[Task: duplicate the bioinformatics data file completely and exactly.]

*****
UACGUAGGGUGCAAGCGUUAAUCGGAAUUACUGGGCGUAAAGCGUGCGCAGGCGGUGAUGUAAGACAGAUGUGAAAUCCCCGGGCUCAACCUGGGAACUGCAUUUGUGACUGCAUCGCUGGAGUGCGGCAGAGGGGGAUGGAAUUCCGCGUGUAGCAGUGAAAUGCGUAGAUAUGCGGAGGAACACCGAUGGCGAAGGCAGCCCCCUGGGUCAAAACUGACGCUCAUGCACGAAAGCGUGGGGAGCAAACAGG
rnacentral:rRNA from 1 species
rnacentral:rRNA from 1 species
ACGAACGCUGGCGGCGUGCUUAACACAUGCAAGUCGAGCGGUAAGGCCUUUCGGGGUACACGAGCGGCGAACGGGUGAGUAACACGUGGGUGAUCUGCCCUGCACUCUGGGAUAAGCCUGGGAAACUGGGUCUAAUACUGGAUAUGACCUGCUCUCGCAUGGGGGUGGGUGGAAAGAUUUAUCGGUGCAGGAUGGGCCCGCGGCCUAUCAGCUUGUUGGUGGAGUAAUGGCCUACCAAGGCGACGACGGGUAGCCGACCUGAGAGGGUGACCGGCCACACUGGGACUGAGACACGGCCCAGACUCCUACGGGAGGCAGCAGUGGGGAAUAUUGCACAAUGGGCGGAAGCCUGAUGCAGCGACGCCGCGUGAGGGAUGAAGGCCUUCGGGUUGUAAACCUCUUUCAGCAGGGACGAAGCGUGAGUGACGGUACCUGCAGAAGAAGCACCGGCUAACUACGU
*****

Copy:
UACGUAGGGUGCAAGCGUUAAUCGGAAUUACUGGGCGUAAAGCGUGCGCAGGCGGUGAUGUAAGACAGAUGUGAAAUCCCCGGGCUCAACCUGGGAACUGCAUUUGUGACUGCAUCGCUGGAGUGCGGCAGAGGGGGAUGGAAUUCCGCGUGUAGCAGUGAAAUGCGUAGAUAUGCGGAGGAACACCGAUGGCGAAGGCAGCCCCCUGGGUCAAAACUGACGCUCAUGCACGAAAGCGUGGGGAGCAAACAGG
rnacentral:rRNA from 1 species
rnacentral:rRNA from 1 species
ACGAACGCUGGCGGCGUGCUUAACACAUGCAAGUCGAGCGGUAAGGCCUUUCGGGGUACACGAGCGGCGAACGGGUGAGUAACACGUGGGUGAUCUGCCCUGCACUCUGGGAUAAGCCUGGGAAACUGGGUCUAAUACUGGAUAUGACCUGCUCUCGCAUGGGGGUGGGUGGAAAGAUUUAUCGGUGCAGGAUGGGCCCGCGGCCUAUCAGCUUGUUGGUGGAGUAAUGGCCUACCAAGGCGACGACGGGUAGCCGACCUGAGAGGGUGACCGGCCACACUGGGACUGAGACACGGCCCAGACUCCUACGGGAGGCAGCAGUGGGGAAUAUUGCACAAUGGGCGGAAGCCUGAUGCAGCGACGCCGCGUGAGGGAUGAAGGCCUUCGGGUUGUAAACCUCUUUCAGCAGGGACGAAGCGUGAGUGACGGUACCUGCAGAAGAAGCACCGGCUAACUACGU